CCHA, Historical Studies, 62 (1996), 15-32


Selling Education:
The Problems of Convent Schools
in Acadian New Brunswick,




     Teaching Sisters came from Quebec to open schools in the French­speaking areas of New Brunswick because Bishop Rogers of Chatham, Père Camille Lefebvre, C.S.C., Director of the bilingual classical college of St.­Joseph, and several parish priests told them they were urgently needed. They called on the Sisters to improve the level of religious education by setting up convent schools, by training girls to teach in the public school system, and by training girls to bring up their children as good Catholics.1 Sisters who could communicate in French were welcomed because the public schools were desperately short of good francophone teachers in the mid-nineteenth century. Only six teachers with French surnames had first or second class licenses in 1861.2 The Acadian population of New Brunswick was growing: in 1861, there were approximately 33,000, and the 1871 census showed 44,907, accounting for over 15% of the population.3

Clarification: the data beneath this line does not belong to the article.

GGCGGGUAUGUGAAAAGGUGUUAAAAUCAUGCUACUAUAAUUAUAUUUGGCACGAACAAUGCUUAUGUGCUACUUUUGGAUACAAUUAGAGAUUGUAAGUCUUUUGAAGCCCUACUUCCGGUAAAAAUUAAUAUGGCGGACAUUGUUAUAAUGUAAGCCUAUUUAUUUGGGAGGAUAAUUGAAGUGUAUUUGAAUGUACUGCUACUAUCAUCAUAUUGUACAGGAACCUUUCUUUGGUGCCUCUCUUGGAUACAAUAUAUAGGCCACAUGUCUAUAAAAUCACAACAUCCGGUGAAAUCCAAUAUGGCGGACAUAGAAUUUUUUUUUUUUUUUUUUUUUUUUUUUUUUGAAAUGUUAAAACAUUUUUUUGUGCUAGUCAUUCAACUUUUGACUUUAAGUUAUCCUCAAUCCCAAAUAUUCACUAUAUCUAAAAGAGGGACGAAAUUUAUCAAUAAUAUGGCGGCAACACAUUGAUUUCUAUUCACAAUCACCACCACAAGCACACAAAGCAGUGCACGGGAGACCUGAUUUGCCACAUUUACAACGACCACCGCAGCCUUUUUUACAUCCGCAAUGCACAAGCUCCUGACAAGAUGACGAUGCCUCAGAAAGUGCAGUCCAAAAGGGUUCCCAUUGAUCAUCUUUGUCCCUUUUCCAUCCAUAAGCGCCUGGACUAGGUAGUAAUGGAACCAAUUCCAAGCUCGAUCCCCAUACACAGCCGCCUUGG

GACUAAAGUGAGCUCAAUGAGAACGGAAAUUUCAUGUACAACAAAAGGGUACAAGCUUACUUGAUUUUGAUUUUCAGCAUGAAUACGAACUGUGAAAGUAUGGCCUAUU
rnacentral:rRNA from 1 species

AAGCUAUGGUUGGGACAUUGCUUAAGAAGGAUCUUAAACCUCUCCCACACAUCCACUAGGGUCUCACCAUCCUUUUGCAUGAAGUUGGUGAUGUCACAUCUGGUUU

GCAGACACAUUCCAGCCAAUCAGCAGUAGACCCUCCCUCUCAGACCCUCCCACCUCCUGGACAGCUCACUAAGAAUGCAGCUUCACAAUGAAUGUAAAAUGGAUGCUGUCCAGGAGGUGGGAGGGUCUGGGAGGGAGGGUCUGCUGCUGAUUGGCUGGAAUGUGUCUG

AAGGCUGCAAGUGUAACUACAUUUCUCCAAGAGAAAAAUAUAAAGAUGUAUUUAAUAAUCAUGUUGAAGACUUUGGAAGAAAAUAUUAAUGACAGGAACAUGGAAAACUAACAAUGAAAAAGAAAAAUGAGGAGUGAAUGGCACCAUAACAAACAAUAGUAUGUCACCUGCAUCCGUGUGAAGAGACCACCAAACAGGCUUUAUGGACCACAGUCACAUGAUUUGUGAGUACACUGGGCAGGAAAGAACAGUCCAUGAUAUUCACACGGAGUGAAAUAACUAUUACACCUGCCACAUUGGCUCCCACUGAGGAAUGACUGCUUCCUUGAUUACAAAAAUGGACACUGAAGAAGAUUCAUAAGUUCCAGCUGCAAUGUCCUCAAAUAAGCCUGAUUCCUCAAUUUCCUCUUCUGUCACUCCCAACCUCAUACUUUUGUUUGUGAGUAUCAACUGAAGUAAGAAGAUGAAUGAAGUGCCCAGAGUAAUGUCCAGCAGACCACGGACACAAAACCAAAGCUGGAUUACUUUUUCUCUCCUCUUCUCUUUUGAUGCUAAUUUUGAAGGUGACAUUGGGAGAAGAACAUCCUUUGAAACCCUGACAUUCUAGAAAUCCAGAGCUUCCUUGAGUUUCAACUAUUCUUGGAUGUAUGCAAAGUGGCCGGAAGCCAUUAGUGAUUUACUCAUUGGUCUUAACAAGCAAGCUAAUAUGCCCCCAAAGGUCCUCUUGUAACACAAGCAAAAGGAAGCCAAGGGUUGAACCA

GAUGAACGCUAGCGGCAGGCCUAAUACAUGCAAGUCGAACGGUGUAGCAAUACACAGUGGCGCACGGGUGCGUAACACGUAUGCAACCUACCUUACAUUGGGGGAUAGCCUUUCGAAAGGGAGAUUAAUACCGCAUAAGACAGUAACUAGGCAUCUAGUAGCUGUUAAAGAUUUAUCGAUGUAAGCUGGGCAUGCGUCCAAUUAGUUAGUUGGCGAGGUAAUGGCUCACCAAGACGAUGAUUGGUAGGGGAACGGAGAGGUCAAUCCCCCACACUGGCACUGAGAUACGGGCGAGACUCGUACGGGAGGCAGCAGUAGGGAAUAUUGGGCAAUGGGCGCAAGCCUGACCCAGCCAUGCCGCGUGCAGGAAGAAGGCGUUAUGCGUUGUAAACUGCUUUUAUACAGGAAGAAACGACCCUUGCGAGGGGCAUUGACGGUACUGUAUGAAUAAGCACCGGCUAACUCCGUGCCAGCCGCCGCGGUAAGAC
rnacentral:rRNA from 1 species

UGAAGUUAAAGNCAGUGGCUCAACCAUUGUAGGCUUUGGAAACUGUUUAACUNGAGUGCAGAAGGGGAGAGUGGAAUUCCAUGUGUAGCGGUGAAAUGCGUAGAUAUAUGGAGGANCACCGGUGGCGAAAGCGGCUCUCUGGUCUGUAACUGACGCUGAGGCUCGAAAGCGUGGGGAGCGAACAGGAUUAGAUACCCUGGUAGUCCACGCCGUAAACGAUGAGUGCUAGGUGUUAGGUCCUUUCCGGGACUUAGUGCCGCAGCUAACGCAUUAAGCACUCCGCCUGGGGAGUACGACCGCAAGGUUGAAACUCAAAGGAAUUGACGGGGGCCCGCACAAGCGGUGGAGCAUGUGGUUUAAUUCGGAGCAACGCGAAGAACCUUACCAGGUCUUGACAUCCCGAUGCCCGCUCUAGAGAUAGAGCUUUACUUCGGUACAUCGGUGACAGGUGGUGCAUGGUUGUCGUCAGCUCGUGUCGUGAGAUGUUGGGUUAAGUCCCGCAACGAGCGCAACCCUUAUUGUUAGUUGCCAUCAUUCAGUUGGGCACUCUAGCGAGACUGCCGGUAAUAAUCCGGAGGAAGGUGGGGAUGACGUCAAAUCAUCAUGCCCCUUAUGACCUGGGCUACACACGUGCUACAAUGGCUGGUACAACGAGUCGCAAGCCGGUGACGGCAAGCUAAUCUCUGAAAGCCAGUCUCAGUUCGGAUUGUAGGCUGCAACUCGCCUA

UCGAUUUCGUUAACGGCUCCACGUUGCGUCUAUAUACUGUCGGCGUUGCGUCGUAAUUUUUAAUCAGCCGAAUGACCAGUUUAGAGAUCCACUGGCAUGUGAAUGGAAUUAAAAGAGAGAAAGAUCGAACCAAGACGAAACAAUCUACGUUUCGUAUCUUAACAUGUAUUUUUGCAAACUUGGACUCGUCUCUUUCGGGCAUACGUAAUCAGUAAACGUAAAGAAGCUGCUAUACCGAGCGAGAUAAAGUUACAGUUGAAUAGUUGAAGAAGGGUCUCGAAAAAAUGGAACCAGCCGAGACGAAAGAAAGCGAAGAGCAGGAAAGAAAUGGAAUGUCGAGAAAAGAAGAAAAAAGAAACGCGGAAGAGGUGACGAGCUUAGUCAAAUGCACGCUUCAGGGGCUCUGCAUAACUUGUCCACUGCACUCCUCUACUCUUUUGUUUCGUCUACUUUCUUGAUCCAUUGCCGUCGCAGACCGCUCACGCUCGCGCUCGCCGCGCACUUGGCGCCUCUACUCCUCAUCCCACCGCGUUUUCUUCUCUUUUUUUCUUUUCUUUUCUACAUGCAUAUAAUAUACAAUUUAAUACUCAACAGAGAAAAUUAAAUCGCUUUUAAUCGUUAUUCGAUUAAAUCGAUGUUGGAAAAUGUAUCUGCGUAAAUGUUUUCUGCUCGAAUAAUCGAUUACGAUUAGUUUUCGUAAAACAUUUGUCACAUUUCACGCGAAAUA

The convent schools would be successful because the Sisters were not daunted by the initial difficulties and were able to satisfy the needs of many young Acadian women and their parents. However, at first, convincing Acadians that the education they offered was valuable was a challenge. Most of the Sisters who came to New Brunswick knew they would be pioneers in areas where people had never even seen a female Religious.4 They understood the need to persuade parents of the value of education, as many Acadians were short of cash and educating daughters beyond the elementary level was not yet a high priority.5 Their efforts to educate women also made them the focus of conflicts based on varied interpretations of the role of women in Acadian society. These were intensified by the differences between Quebecois and Acadian society. Maritime francoph­ones who sent their children to convent schools in the mid-nineteenth century were forced to see themselves in the context of a francophone society epitomised by the urban centres of Quebec.